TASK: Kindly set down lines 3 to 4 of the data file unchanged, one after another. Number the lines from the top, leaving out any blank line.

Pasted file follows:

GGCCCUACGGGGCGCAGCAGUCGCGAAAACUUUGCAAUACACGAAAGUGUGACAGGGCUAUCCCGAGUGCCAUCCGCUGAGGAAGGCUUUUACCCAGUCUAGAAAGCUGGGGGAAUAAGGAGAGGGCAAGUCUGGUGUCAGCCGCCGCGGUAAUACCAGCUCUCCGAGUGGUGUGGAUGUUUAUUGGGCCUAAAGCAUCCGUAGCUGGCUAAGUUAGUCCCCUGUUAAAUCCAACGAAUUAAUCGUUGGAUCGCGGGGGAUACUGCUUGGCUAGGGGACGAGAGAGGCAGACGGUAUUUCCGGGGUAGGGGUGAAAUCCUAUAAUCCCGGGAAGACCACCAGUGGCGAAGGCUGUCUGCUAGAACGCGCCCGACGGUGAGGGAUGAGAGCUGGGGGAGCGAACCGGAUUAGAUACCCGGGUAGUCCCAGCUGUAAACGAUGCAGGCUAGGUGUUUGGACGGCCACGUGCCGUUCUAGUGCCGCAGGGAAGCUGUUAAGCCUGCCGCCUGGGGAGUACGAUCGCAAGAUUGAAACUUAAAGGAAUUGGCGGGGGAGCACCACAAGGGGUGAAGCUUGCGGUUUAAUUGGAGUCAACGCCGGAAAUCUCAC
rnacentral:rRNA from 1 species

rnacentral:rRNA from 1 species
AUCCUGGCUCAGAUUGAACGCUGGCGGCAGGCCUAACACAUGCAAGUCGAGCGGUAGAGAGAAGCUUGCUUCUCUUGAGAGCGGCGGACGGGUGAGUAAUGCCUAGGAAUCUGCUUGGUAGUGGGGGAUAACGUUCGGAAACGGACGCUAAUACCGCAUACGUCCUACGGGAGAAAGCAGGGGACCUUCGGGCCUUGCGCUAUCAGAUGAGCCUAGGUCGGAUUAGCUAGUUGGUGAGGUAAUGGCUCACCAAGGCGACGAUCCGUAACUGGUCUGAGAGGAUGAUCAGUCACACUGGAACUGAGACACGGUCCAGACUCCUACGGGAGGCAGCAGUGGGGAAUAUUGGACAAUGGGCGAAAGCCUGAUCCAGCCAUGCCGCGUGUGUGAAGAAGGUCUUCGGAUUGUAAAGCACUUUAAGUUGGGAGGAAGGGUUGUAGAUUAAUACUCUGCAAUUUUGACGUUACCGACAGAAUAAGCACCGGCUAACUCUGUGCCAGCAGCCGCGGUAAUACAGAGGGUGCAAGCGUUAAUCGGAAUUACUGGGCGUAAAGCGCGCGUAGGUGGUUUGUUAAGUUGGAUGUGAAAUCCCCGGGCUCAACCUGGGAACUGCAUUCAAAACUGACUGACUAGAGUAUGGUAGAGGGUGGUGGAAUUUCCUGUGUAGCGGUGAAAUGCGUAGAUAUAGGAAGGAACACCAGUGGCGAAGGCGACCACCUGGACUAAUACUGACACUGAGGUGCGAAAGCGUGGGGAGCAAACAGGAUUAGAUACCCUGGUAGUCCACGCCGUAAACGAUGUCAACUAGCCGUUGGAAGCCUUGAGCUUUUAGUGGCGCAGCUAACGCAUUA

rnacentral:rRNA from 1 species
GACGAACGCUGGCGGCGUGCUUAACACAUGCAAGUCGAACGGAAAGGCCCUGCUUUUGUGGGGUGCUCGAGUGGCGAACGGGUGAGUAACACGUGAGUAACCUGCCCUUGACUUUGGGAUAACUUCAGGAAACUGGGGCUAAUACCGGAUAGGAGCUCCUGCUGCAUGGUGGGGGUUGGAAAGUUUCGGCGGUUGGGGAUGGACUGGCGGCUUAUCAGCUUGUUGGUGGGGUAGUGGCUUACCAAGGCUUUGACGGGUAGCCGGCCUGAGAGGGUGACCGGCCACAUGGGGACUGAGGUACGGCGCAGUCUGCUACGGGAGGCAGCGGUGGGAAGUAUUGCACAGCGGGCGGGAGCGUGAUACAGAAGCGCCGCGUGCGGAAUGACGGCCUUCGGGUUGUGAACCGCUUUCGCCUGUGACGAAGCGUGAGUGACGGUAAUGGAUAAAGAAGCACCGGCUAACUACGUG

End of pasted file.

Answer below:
rnacentral:rRNA from 1 species
AUCCUGGCUCAGAUUGAACGCUGGCGGCAGGCCUAACACAUGCAAGUCGAGCGGUAGAGAGAAGCUUGCUUCUCUUGAGAGCGGCGGACGGGUGAGUAAUGCCUAGGAAUCUGCUUGGUAGUGGGGGAUAACGUUCGGAAACGGACGCUAAUACCGCAUACGUCCUACGGGAGAAAGCAGGGGACCUUCGGGCCUUGCGCUAUCAGAUGAGCCUAGGUCGGAUUAGCUAGUUGGUGAGGUAAUGGCUCACCAAGGCGACGAUCCGUAACUGGUCUGAGAGGAUGAUCAGUCACACUGGAACUGAGACACGGUCCAGACUCCUACGGGAGGCAGCAGUGGGGAAUAUUGGACAAUGGGCGAAAGCCUGAUCCAGCCAUGCCGCGUGUGUGAAGAAGGUCUUCGGAUUGUAAAGCACUUUAAGUUGGGAGGAAGGGUUGUAGAUUAAUACUCUGCAAUUUUGACGUUACCGACAGAAUAAGCACCGGCUAACUCUGUGCCAGCAGCCGCGGUAAUACAGAGGGUGCAAGCGUUAAUCGGAAUUACUGGGCGUAAAGCGCGCGUAGGUGGUUUGUUAAGUUGGAUGUGAAAUCCCCGGGCUCAACCUGGGAACUGCAUUCAAAACUGACUGACUAGAGUAUGGUAGAGGGUGGUGGAAUUUCCUGUGUAGCGGUGAAAUGCGUAGAUAUAGGAAGGAACACCAGUGGCGAAGGCGACCACCUGGACUAAUACUGACACUGAGGUGCGAAAGCGUGGGGAGCAAACAGGAUUAGAUACCCUGGUAGUCCACGCCGUAAACGAUGUCAACUAGCCGUUGGAAGCCUUGAGCUUUUAGUGGCGCAGCUAACGCAUUA